The continuing failure (across disciplinary boundaries) to graduate a high percentage of entering doctoral students, year after year, points to an institutional culture that demands attention. If departments hold dear to myths of high completion rates among their doctoral students, those myths can by can be exploded by producing reports—department by department—showing actual cohort retention rates, years-to-degree-completion, results from exit interviews of departing students, and graduation rates.


    The money, faculty, and staff devoted to graduate student recruitment, admission, record-keeping, orientation, and classroom instruction are wasted when significant percentages of doctoral students never make it even as far as the candidacy stage, much less to graduation. This inefficiency in managing the success of our recruitment and admission efforts is an enormous drain of university resources.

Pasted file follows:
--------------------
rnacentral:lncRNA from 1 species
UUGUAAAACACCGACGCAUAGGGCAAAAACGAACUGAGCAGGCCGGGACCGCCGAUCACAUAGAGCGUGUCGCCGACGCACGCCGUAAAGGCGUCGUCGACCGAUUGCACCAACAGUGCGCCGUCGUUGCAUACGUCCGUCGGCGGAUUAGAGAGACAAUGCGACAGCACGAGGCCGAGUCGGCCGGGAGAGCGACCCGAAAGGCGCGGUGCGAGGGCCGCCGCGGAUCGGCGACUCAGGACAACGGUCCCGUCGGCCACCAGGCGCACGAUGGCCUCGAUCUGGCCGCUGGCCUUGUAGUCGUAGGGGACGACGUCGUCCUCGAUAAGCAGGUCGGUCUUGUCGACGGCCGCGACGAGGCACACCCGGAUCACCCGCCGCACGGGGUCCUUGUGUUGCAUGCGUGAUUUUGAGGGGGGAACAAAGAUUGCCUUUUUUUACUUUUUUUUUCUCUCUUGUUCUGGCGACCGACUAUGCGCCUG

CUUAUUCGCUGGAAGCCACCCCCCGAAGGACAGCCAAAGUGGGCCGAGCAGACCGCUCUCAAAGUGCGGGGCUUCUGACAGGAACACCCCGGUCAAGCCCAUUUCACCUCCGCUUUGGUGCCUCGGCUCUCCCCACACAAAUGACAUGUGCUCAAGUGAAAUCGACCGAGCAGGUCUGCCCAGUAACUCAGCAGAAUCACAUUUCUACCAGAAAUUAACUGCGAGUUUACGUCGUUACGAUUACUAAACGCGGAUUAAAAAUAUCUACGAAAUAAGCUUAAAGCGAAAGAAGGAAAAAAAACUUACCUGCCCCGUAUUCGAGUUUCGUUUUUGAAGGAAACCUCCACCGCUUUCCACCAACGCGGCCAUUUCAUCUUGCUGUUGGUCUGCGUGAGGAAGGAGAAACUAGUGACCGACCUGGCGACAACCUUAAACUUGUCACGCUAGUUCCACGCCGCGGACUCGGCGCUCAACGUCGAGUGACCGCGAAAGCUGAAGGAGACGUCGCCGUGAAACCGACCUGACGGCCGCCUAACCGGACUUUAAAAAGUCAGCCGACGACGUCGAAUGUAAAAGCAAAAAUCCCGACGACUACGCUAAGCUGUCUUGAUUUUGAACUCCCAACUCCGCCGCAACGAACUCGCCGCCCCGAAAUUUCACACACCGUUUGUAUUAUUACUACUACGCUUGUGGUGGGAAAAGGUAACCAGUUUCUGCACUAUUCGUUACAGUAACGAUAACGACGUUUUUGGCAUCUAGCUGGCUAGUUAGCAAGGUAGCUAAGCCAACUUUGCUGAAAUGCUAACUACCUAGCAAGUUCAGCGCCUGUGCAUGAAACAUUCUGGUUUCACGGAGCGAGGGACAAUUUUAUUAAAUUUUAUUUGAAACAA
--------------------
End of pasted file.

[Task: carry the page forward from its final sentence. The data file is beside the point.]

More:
The waste of human potential represented by doctoral student dropouts requires our immediate attention. We “woo” to our campuses the “best and brightest,” and then at times do not provide a setting where they can succeed. We entice them to graduate school with assistantships and fellowships, and then we expect them to sink or swim with assistance not fully matched to their needs.